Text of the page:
- It gives students a critical palate for reading texts in new and alternative forms;
- it encourages students to re-assess the social structures and values which underpin the idea of 'literature';
- it encourages students to re-assess the very definition of 'literature' in the light of them.
All these things are very good things, and I certainly have no trouble generating the right amount of enthusiasm for them.
The problem is when it comes to teaching the wretched stuff. Like many English degrees, the one I teach reserves 15 credits for literary theory. That means 12 weeks of teaching and 3000 words of assessment. What can be done within these limits?
A Question of Content
When I first started teaching the subject, my aim was to cover a few key theories that were still largely current and relevant: At the time I decided to focus on Feminism, Post colonialism and Cultural Materialism - three which I thought worked well together because they were essentially derived from the same structuralist paradigm. The problem with this approach was that without understanding the paradigm of structuralism, students did not find it easy to understand the interrelations between the theories, and so tended to look at them as isolated. This not only made the individual theories harder work than they needed to be, it led to a very categorical approach to theory in those student's later work (essays be either Feminist or Marxist, because they had not a chance to think about them in terms of synthesis). So, in later efforts I decided I needed to include Structuralism, to provide a framework for the interrelations between theories. But how do I introduce Structuralism? The easiest way I could think of was as a reaction to the New Critical formalisms of the early twentieth century...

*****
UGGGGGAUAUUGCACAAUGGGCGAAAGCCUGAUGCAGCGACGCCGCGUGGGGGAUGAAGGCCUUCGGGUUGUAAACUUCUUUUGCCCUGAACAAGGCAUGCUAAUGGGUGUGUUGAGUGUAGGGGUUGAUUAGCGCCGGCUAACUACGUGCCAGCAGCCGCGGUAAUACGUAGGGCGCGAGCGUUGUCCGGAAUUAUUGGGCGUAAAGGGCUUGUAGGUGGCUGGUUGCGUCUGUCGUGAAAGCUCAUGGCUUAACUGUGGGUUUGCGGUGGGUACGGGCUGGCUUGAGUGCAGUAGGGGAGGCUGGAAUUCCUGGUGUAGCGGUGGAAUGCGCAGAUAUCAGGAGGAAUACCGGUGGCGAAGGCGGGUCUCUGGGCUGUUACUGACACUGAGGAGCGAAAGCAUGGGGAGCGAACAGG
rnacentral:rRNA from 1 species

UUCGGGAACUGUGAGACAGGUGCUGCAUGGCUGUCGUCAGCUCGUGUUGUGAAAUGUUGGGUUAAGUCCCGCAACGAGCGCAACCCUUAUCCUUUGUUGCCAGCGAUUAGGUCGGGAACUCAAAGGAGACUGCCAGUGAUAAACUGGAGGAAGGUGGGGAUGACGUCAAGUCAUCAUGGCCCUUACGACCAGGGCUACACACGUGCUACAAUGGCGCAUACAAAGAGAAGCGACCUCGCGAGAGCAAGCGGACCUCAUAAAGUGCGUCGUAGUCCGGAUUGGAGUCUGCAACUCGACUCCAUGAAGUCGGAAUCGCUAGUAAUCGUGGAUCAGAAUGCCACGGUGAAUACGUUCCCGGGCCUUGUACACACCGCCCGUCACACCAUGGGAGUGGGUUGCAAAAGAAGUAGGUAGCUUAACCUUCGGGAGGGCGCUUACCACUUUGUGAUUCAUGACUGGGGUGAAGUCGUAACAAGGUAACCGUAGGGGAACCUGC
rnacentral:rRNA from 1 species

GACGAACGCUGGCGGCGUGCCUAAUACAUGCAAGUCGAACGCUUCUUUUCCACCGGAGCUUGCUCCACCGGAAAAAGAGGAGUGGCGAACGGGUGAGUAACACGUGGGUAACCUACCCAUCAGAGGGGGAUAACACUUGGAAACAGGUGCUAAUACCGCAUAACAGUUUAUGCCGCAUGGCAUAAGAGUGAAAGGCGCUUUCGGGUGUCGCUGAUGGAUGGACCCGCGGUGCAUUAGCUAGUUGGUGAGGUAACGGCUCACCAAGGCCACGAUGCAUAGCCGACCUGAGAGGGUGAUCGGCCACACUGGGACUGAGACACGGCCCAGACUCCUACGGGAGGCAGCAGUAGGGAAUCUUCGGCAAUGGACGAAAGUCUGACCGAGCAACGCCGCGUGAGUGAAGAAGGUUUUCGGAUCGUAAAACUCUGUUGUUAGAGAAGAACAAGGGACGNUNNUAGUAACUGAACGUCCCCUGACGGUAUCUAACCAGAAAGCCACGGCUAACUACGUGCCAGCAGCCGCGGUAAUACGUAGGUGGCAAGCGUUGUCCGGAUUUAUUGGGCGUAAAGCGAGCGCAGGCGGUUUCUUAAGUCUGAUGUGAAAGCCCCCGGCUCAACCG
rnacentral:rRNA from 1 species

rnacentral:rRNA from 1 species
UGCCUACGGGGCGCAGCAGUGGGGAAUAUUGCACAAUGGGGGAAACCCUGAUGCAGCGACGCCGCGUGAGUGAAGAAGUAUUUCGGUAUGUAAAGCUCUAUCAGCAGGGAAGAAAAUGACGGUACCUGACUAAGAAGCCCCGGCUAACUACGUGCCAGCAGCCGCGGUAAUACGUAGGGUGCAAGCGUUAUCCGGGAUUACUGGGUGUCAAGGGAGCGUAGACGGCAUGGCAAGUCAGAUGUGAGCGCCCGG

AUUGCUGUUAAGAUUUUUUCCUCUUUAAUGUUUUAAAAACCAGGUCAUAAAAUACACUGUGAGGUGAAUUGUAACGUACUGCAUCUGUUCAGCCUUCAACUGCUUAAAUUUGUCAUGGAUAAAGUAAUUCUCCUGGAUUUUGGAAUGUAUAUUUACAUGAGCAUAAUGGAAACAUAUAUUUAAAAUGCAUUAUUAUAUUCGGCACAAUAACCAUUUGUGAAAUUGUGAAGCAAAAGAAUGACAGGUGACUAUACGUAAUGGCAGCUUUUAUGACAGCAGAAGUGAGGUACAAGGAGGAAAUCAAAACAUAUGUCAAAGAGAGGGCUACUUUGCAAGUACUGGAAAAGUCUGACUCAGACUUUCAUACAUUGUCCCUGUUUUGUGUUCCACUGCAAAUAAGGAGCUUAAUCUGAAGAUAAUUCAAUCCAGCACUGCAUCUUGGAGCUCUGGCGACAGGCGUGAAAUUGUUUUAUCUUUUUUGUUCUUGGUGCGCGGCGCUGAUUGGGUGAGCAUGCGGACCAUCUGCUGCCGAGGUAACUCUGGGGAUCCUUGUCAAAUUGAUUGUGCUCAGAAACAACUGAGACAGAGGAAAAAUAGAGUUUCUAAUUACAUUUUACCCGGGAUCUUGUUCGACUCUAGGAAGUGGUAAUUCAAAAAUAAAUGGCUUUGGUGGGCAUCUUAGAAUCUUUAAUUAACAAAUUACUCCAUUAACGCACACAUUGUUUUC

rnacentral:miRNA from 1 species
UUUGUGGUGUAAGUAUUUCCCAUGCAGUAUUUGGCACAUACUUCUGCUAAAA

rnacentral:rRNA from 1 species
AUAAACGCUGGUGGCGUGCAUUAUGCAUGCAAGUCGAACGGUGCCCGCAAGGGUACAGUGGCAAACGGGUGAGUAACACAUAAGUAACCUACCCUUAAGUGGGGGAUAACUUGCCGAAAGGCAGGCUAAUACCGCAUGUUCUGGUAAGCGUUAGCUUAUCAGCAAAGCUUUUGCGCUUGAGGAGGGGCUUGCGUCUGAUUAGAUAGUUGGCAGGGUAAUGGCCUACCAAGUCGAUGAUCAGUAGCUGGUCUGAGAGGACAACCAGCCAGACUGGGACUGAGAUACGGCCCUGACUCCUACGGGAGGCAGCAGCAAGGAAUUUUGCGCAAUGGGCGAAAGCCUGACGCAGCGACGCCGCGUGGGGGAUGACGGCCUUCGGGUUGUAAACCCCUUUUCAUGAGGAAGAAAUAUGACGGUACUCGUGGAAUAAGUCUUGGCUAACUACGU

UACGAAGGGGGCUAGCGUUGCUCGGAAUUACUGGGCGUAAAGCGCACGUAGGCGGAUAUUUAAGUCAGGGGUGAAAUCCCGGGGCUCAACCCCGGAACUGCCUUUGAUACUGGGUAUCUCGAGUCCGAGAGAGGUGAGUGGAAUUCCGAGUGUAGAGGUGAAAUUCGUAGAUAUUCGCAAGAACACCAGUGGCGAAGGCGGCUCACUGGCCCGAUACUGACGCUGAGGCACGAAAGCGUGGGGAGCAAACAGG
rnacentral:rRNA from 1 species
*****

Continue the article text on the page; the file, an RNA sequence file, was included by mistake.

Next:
You see the problem? The less content I focused on, the more difficult each individual element became. The more content I focused on, the more I felt I needed to focus on, and the less scope students had to explore any one theory in detail.
I was in danger of going down the line of the online course which Yale University have made available. Professor Fry explains a range of theories on this course beautifully, but the focus on the content of the individual theories turns them into abstractions: Each lecture leaves me wondering what, exactly, the students are meant to do with the knowledge except write an essay about it? Focusing on the issue of content meant that I had almost forgotten to think back to that issue of purpose: On exactly what critical skills I wanted students to have the chance to develop.
|Prof. Paul Fry. Great communicator, but too much content.|
Gradually, over time, I have narrowed the range of theories I teach on this module rather like one might tinker with the quantities in a cake recipe: A little more Shklovsky here would balance the flavour of Derrida there, while Barthes is overpowering in the cream filling so I will reduce that and add a little Saussure instead. The balance of content started to settle down. This, though, left the question of the purpose.
The Single Text Approach
The easiest way, it seemed, to demonstrate the functions of these different theories was to focus on a single text, and thereby to show how layering different theoretical models over the same text results in often dramatically different interpretations. Professor Fry does this by using a children's story, and certainly there are countless fairytales which would work similarly well - but what is the point of showing students how to do something with a children's story and then expect them to be able to do the same thing with King Lear?